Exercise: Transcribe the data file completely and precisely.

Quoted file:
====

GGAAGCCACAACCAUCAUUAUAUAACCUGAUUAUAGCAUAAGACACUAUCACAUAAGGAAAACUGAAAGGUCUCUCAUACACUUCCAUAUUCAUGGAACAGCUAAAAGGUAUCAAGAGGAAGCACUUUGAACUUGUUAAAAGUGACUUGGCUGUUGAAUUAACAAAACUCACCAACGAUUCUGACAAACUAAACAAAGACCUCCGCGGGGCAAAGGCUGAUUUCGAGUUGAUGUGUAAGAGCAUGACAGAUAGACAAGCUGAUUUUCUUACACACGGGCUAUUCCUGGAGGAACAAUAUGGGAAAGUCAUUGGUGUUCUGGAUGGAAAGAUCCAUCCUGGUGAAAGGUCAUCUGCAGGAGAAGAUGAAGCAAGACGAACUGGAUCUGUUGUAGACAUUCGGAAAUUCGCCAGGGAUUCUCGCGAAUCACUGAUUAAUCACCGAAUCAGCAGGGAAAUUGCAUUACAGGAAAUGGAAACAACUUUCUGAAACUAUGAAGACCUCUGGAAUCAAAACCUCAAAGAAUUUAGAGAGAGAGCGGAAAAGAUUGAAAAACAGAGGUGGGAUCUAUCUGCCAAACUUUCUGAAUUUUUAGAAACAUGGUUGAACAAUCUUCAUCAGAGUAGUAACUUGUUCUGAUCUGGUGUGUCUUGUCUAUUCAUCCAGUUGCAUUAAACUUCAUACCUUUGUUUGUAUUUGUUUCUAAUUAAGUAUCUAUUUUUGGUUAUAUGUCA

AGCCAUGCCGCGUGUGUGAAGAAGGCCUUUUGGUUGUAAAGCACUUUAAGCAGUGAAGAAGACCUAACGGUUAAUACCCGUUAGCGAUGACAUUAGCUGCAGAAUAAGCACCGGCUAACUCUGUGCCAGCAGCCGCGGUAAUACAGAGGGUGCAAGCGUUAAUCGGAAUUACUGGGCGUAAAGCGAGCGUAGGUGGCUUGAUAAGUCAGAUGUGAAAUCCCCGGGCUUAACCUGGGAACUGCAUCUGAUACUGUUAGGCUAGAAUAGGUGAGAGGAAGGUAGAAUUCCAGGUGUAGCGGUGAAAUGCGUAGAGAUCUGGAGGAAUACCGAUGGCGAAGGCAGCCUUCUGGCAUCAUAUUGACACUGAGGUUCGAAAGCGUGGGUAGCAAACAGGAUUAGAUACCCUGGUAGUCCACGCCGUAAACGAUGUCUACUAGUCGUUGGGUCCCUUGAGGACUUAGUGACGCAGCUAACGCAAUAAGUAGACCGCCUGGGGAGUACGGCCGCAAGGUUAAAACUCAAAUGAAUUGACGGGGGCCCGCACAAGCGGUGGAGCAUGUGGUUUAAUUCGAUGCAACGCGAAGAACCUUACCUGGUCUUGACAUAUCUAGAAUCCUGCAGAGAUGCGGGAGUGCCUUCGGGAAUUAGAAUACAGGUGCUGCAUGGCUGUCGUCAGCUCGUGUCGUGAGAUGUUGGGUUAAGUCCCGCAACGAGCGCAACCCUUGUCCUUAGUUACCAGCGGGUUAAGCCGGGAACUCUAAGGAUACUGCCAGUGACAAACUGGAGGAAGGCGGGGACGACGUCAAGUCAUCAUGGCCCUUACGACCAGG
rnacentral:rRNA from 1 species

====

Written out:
GGAAGCCACAACCAUCAUUAUAUAACCUGAUUAUAGCAUAAGACACUAUCACAUAAGGAAAACUGAAAGGUCUCUCAUACACUUCCAUAUUCAUGGAACAGCUAAAAGGUAUCAAGAGGAAGCACUUUGAACUUGUUAAAAGUGACUUGGCUGUUGAAUUAACAAAACUCACCAACGAUUCUGACAAACUAAACAAAGACCUCCGCGGGGCAAAGGCUGAUUUCGAGUUGAUGUGUAAGAGCAUGACAGAUAGACAAGCUGAUUUUCUUACACACGGGCUAUUCCUGGAGGAACAAUAUGGGAAAGUCAUUGGUGUUCUGGAUGGAAAGAUCCAUCCUGGUGAAAGGUCAUCUGCAGGAGAAGAUGAAGCAAGACGAACUGGAUCUGUUGUAGACAUUCGGAAAUUCGCCAGGGAUUCUCGCGAAUCACUGAUUAAUCACCGAAUCAGCAGGGAAAUUGCAUUACAGGAAAUGGAAACAACUUUCUGAAACUAUGAAGACCUCUGGAAUCAAAACCUCAAAGAAUUUAGAGAGAGAGCGGAAAAGAUUGAAAAACAGAGGUGGGAUCUAUCUGCCAAACUUUCUGAAUUUUUAGAAACAUGGUUGAACAAUCUUCAUCAGAGUAGUAACUUGUUCUGAUCUGGUGUGUCUUGUCUAUUCAUCCAGUUGCAUUAAACUUCAUACCUUUGUUUGUAUUUGUUUCUAAUUAAGUAUCUAUUUUUGGUUAUAUGUCA

AGCCAUGCCGCGUGUGUGAAGAAGGCCUUUUGGUUGUAAAGCACUUUAAGCAGUGAAGAAGACCUAACGGUUAAUACCCGUUAGCGAUGACAUUAGCUGCAGAAUAAGCACCGGCUAACUCUGUGCCAGCAGCCGCGGUAAUACAGAGGGUGCAAGCGUUAAUCGGAAUUACUGGGCGUAAAGCGAGCGUAGGUGGCUUGAUAAGUCAGAUGUGAAAUCCCCGGGCUUAACCUGGGAACUGCAUCUGAUACUGUUAGGCUAGAAUAGGUGAGAGGAAGGUAGAAUUCCAGGUGUAGCGGUGAAAUGCGUAGAGAUCUGGAGGAAUACCGAUGGCGAAGGCAGCCUUCUGGCAUCAUAUUGACACUGAGGUUCGAAAGCGUGGGUAGCAAACAGGAUUAGAUACCCUGGUAGUCCACGCCGUAAACGAUGUCUACUAGUCGUUGGGUCCCUUGAGGACUUAGUGACGCAGCUAACGCAAUAAGUAGACCGCCUGGGGAGUACGGCCGCAAGGUUAAAACUCAAAUGAAUUGACGGGGGCCCGCACAAGCGGUGGAGCAUGUGGUUUAAUUCGAUGCAACGCGAAGAACCUUACCUGGUCUUGACAUAUCUAGAAUCCUGCAGAGAUGCGGGAGUGCCUUCGGGAAUUAGAAUACAGGUGCUGCAUGGCUGUCGUCAGCUCGUGUCGUGAGAUGUUGGGUUAAGUCCCGCAACGAGCGCAACCCUUGUCCUUAGUUACCAGCGGGUUAAGCCGGGAACUCUAAGGAUACUGCCAGUGACAAACUGGAGGAAGGCGGGGACGACGUCAAGUCAUCAUGGCCCUUACGACCAGG
rnacentral:rRNA from 1 species